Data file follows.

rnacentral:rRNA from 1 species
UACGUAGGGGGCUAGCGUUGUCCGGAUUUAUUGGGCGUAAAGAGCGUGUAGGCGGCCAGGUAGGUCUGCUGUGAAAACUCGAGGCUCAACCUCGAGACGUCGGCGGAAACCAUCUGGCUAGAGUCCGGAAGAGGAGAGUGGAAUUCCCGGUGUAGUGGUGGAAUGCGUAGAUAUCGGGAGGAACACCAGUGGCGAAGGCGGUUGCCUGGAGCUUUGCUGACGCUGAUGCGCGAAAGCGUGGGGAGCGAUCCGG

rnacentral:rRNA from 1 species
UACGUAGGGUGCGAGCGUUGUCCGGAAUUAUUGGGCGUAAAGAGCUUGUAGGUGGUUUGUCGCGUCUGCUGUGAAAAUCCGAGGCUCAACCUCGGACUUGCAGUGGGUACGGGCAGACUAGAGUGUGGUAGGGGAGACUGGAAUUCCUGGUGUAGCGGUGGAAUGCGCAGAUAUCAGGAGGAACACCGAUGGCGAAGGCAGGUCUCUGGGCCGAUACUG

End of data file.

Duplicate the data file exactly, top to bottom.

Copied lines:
rnacentral:rRNA from 1 species
UACGUAGGGGGCUAGCGUUGUCCGGAUUUAUUGGGCGUAAAGAGCGUGUAGGCGGCCAGGUAGGUCUGCUGUGAAAACUCGAGGCUCAACCUCGAGACGUCGGCGGAAACCAUCUGGCUAGAGUCCGGAAGAGGAGAGUGGAAUUCCCGGUGUAGUGGUGGAAUGCGUAGAUAUCGGGAGGAACACCAGUGGCGAAGGCGGUUGCCUGGAGCUUUGCUGACGCUGAUGCGCGAAAGCGUGGGGAGCGAUCCGG

rnacentral:rRNA from 1 species
UACGUAGGGUGCGAGCGUUGUCCGGAAUUAUUGGGCGUAAAGAGCUUGUAGGUGGUUUGUCGCGUCUGCUGUGAAAAUCCGAGGCUCAACCUCGGACUUGCAGUGGGUACGGGCAGACUAGAGUGUGGUAGGGGAGACUGGAAUUCCUGGUGUAGCGGUGGAAUGCGCAGAUAUCAGGAGGAACACCGAUGGCGAAGGCAGGUCUCUGGGCCGAUACUG